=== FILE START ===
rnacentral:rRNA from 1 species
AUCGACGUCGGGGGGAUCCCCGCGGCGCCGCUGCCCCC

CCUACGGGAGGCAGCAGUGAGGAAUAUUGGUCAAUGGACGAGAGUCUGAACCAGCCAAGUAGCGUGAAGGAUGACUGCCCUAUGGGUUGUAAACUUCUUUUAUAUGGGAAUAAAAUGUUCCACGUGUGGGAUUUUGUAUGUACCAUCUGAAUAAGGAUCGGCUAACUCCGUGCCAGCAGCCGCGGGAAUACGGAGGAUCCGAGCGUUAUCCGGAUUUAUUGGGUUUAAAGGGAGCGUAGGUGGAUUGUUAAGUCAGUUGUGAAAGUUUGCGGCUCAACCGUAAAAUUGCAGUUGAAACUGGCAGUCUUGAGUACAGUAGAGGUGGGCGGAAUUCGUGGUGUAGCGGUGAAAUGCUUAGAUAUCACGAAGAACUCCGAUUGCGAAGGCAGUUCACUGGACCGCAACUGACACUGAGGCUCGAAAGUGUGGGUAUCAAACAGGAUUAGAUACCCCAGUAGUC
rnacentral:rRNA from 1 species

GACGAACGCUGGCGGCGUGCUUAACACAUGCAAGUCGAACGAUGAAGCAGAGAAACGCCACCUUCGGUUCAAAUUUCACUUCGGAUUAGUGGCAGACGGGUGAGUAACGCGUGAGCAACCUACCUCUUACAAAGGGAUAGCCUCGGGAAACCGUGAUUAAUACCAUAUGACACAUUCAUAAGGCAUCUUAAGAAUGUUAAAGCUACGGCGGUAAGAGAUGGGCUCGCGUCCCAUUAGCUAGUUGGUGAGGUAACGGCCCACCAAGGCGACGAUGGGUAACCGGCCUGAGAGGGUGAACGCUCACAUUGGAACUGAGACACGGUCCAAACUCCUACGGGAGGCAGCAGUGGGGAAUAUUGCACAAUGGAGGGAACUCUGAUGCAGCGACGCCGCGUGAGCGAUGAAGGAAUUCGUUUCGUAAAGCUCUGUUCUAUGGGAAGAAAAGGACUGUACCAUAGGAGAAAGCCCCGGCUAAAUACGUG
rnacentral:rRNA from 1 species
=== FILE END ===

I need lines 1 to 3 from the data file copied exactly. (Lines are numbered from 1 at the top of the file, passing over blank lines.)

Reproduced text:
rnacentral:rRNA from 1 species
AUCGACGUCGGGGGGAUCCCCGCGGCGCCGCUGCCCCC

CCUACGGGAGGCAGCAGUGAGGAAUAUUGGUCAAUGGACGAGAGUCUGAACCAGCCAAGUAGCGUGAAGGAUGACUGCCCUAUGGGUUGUAAACUUCUUUUAUAUGGGAAUAAAAUGUUCCACGUGUGGGAUUUUGUAUGUACCAUCUGAAUAAGGAUCGGCUAACUCCGUGCCAGCAGCCGCGGGAAUACGGAGGAUCCGAGCGUUAUCCGGAUUUAUUGGGUUUAAAGGGAGCGUAGGUGGAUUGUUAAGUCAGUUGUGAAAGUUUGCGGCUCAACCGUAAAAUUGCAGUUGAAACUGGCAGUCUUGAGUACAGUAGAGGUGGGCGGAAUUCGUGGUGUAGCGGUGAAAUGCUUAGAUAUCACGAAGAACUCCGAUUGCGAAGGCAGUUCACUGGACCGCAACUGACACUGAGGCUCGAAAGUGUGGGUAUCAAACAGGAUUAGAUACCCCAGUAGUC